Stainless steel electrical connectors are likely not something most people give much thought. They are commodity components that do not get much attention. After all, they’re just small pieces of very large water and wastewater treatment systems — until they fail.

Corrosion, extreme temperatures, chemical seepage and electrical shorts are just the beginning of potential disaster. Production downtime, safety issues and contamination problems result when just one connector goes bad.

Ensuring performance

With such small components doing very large jobs, using the right one is absolutely critical. The whole system runs more smoothly with the right pieces. Since there is so much riding on water treatment systems, primarily the safety of drinking water for millions of people, using sub-standard components should never be an option. Although other materials could be used to reduce the initial cost, they are ferrous-based and corrode much more easily. The long-term maintenance costs are higher and so is the risk of potential contamination and production downtime.

  • Aluminum components do not resist some chemicals and are susceptible to pitting
  • Zinc coatings and galvanized steel are not easily repaired and, therefore, need more frequent replacement.

Corrosion resistance is paramount in water treatment plants. From harsh chemicals to fresh water, there is potential corrosion everywhere. The two main types of corrosion that occur are micro-biologically influenced corrosion (MIC) and abrasive corrosion.

  • MIC is responsible for very high corrosion rates that quickly wear out a system in a short time if left untreated. Depending on the type of stainless steel used, it mandates frequent cleaning and chemical biocide treatment
  • Abrasive corrosion comes from mechanical wear in any environment and can be combated by using better materials.

Too many times, however, engineers try to fit a square peg into a round hole when it comes to electrical connectors. Instead of starting with connectors that work perfectly with the system, they change the system to work with the connector. Typically this happens because most manufacturers offer only a few stock stainless steel connectors. Even the big ones only have a few options in stock. If they do create custom connectors, they are only cost-effective in large production runs.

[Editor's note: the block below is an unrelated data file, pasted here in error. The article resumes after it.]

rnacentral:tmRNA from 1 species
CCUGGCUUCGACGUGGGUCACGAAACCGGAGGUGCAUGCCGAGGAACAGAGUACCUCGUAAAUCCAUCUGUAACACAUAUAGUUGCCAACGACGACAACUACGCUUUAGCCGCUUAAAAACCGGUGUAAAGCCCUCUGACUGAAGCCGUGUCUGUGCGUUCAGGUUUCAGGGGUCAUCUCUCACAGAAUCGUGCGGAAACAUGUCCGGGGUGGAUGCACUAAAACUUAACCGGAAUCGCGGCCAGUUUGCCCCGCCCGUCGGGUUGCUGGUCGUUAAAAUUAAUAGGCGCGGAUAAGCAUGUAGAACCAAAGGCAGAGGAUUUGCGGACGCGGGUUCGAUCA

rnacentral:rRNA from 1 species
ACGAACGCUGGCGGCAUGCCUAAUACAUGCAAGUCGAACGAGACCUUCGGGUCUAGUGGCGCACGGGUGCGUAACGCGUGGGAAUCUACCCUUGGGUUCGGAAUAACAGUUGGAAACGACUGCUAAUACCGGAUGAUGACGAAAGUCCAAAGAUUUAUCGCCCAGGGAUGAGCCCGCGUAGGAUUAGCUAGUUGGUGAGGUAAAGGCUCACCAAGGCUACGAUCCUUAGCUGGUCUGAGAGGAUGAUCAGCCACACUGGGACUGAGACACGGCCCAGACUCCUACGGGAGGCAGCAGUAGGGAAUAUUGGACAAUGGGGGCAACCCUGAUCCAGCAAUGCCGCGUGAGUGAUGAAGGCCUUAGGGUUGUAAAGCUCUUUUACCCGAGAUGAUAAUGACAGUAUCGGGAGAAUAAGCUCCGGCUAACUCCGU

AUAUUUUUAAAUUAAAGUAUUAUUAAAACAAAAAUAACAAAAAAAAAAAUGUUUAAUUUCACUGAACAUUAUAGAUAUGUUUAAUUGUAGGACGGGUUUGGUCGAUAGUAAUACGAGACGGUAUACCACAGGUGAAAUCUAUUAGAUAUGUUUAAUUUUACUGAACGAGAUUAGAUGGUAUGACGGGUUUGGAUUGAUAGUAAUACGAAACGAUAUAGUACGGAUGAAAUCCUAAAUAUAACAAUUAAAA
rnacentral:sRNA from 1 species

Two big problems result: Re-engineering systems to work with those basic connectors, or lengthening downtime because of shipping delays. Both problems come with very big costs.

The benefits of stainless steel connectors

Stainless steel connectors are crucial components in any large system, but especially for the water and wastewater processing industry. Much of the equipment is exposed to destructive and corrosive elements, so stainless steel components are preferred for their corrosion-resistance, durability and low maintenance.

The right stainless steel connectors help water and wastewater processors to:

  • Reduce corrosion in electrical systems and protect from liquids
  • Maintain power systems for continuous operation with less downtime
  • Protect electrical systems in hazardous and high heat areas
  • Deliver less engineering problems and work-arounds
  • Experience fewer technical issues
  • Lower lifetime installed costs.

Stainless steel should be considered because of its durability in the harsh environments of water and wastewater treatment; its high corrosion resistance, low maintenance and high reliability, ease of fabrication, lifecycle sustainability and top-notch level of safety make it ideal for all types of applications. There are two main types: Type 304 stainless steel is preferred for dry, above water applications because of its general corrosion resistance and lower cost and Type 316 stainless steel is typically used for submersed, underwater applications because of its high corrosion resistance generated by the molybdenum it contains.

Stainless steel not only resists the damaging effects and lasts longer than other alloys, but it is also 100 percent sustainable during its entire lifecycle. Also, since it is naturally corrosive resistant because of inclusion of chromium, there are no harmful chemicals used to fabricate components and it does not give off harmful elements during use or recycling. Further, it has a very minimal impact on water, air and carbon use, plus is recyclable at the end of its effective use.

And, from fabricators who create the components to water treatment plants who experience a very low cost of installation and maintenance to the people who recycle it at the end of its life, stainless steel is a profitable material to work with.

Fabricating stainless steel is also easy, allowing manufacturers to create components to the specifications of plant engineers. With so many options for the right stainless steel connector, it is in the best interest of engineers to seek out a manufacturer who can meet their exact requirements.

This article is courtesy of Remke.